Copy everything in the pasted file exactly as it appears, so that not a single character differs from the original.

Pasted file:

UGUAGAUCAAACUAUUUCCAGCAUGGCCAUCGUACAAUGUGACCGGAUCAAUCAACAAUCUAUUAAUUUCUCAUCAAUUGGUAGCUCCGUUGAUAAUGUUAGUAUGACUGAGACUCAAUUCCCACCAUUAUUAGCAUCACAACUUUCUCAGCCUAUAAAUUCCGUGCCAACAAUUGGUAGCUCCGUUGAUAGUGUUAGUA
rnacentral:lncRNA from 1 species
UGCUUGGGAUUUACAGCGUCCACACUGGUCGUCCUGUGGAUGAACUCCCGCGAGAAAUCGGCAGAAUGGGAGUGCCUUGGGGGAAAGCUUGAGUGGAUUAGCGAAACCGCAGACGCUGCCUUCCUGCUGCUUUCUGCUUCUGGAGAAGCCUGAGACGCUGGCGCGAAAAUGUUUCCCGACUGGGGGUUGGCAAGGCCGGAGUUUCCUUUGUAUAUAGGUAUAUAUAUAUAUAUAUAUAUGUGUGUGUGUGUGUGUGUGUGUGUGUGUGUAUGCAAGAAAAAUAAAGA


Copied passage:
UGUAGAUCAAACUAUUUCCAGCAUGGCCAUCGUACAAUGUGACCGGAUCAAUCAACAAUCUAUUAAUUUCUCAUCAAUUGGUAGCUCCGUUGAUAAUGUUAGUAUGACUGAGACUCAAUUCCCACCAUUAUUAGCAUCACAACUUUCUCAGCCUAUAAAUUCCGUGCCAACAAUUGGUAGCUCCGUUGAUAGUGUUAGUA
rnacentral:lncRNA from 1 species
UGCUUGGGAUUUACAGCGUCCACACUGGUCGUCCUGUGGAUGAACUCCCGCGAGAAAUCGGCAGAAUGGGAGUGCCUUGGGGGAAAGCUUGAGUGGAUUAGCGAAACCGCAGACGCUGCCUUCCUGCUGCUUUCUGCUUCUGGAGAAGCCUGAGACGCUGGCGCGAAAAUGUUUCCCGACUGGGGGUUGGCAAGGCCGGAGUUUCCUUUGUAUAUAGGUAUAUAUAUAUAUAUAUAUAUGUGUGUGUGUGUGUGUGUGUGUGUGUGUGUAUGCAAGAAAAAUAAAGA